View Full Version : collateral damage! is it missing from your combat scene?

2009-06-16, 09:12 AM
I noticed that in a lot of my older games (and some of the more recent ones where I ran it really tired), combat tends to be very much focused on the combatants, which is a good thing, I suppose.

But one thing I always forget about is the scenery. I mean, yeah, I remember things like tables, chairs, and other things that could potentially change the battle. But I almost never say, have the barbarian crash through a wall from a missed swing, or have the mage blow off the entire side of a building, expanding the battlefield, or other such collateral damage that alters the terrain.

Thinking back at it, I realized that I really could use some help on managing this sort of thing. But then a question comes up: what's a good and quick guideline for doing collateral damage? I mean, sure, I could sit around and calculate damage done to the terrain by crossing it against the material hardness and all that. But seriously? not exactly the funnest activity in the world. I guess I could just eyeball everything and just arbitrarily throw out descriptions as on the fly.

How would you do it?

2009-06-16, 09:19 AM
I guess I could just eyeball everything and just arbitrarily throw out descriptions as on the fly.
i would do something like this.

loosely based around what seems like the most fun/going to get the biggest laugh at the time.

2009-06-16, 09:20 AM
I've always done it ad hoc and thrown it in as amusement or the situation dictates. Sometimes I use it to point the bigger gaffs in character behavior- (In the tavern) "I cast fireball!" "The tavern catches fire."

I also sometimes use it as plot drivers- I used the slippery frozen lake as a scene for combat once. Most of the characters were unprepared, so opponenets that the party would normally have handled easily were much more challenging and it made for a combat everyone enjoyed.

One time, I also ended up with a carriage driver as collateral damage, and from that point on, every time the party hired a carriage it was destroyed, the driver killed etc. It became an ongoing challenge to see if I could come up with new and legitimate ways to kill a carriage driver. Then there was the Great Carriage Crash when one of the PC's tried to drive it after the real driver bit it.

2009-06-16, 09:21 AM
You know what you need? AD&D 2nd edition Player Options: Combat and Tactics. You can easily adapt the rules in that book to any game and it brings a lot of rules to flesh out your combats even rules (or random tables) for collateral damage or other unexpected events.

2009-06-16, 09:34 AM
I just ran a session where a couple of modified dire animals partially destroyed a farmhouse the PC's were defending. All of this was either eyeballed, or made no difference to the game, so was just stated.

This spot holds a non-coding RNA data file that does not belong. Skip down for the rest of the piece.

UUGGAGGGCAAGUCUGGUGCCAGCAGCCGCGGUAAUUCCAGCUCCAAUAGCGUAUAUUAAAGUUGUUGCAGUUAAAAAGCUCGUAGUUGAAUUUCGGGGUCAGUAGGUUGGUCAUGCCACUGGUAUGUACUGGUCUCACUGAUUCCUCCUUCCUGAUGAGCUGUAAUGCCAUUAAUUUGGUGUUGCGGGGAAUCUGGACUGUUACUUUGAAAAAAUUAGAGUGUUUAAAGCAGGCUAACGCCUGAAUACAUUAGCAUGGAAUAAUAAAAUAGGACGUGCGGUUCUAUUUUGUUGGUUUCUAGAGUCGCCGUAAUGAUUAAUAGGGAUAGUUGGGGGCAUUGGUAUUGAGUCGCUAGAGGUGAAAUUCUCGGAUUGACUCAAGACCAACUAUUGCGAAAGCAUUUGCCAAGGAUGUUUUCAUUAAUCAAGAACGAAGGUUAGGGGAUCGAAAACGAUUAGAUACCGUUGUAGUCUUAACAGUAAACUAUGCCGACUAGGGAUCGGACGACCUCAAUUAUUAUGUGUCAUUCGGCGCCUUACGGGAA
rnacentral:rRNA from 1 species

They initially broke through a bedroom wall, then another into the main room. As they destroyed pillars, parts of the house would cave in, either becoming difficult/impassible terrain. Almost took out a loft a PC was in. It also attacked the civilian occupants, the PC's realized that saving them was more important than killing the monsters (which they did very quickly after the homeowners got out)

While they were doing that, one of the bad guys went through the fields, killing fleeing farmhands before trying to sneak up on the Ranger (he failed).

Kris Strife
2009-06-16, 09:55 AM
If I need/want to avoid collateral damage icly, I assume collateral damage can happen, just to be safe.

2009-06-16, 12:12 PM
I like to use collateral damage to reward players who put ranks into Knowledge (architecture). Occasionally they can pick out a weak support beam or see a crack in a wall that might break open with the precise application of war hammers.

Basically, feel free to decide that a certain pillar/wall/ceiling has been weakened over time and has fewer hitpoints or less hardness than a typical pillar/wall/ceiling. If it fits into the combat and makes things more fun, break stuff!

2009-06-16, 12:45 PM
Collateral damage once drastically changed the face of my campaign. Let's put it pseudo-mathematically.

Forest + dragonbreath + fire elementals = fire!

Forest + fire = forest fire!

Forest fire + nearby city = burning city!

Burning city + ill-advised Control Weather = fire followed by flood!

It escalated from there. The PCs ended up founding their own country. The game had started out as a police beat.

Fun times.

2009-06-16, 09:48 PM
Well, I like to think that collateral damage will always happen in a battle when people start actually dealing enough damage to strike down walls and stuff.

I think from now on, I'm gonna try to handle it like this.

whenever a PC must roll for an attack, I'll ask him to roll for damage at the same time too. This will help me save some time to go through combat, but also help me see how much damage that blow was going to do.

If the attack is a miss, the damage becomes damage he's done to the scenery. And then I just look at what's around him (i.e. within a 5 foot reach) and the appropriate section will take some damage with me describing it. i.e. say the barbarian is fighting an orc next to table, swings and misses. (but would have dealt 12 damage had he hit) I would then declare that he has shattered the table next to him in the course of swinging at the orc and missing. Now the table doodad next to him is no more.

And hell, another example I can think of is if the barbarian is charging a guy with his back to the wall, but misses, say he would have done 100+ damage (or some other arbitrary amount that is equally impressive), I could always say the two (or maybe just the barbarian, depending upon the miss) crash through the wall behind them and fall outside.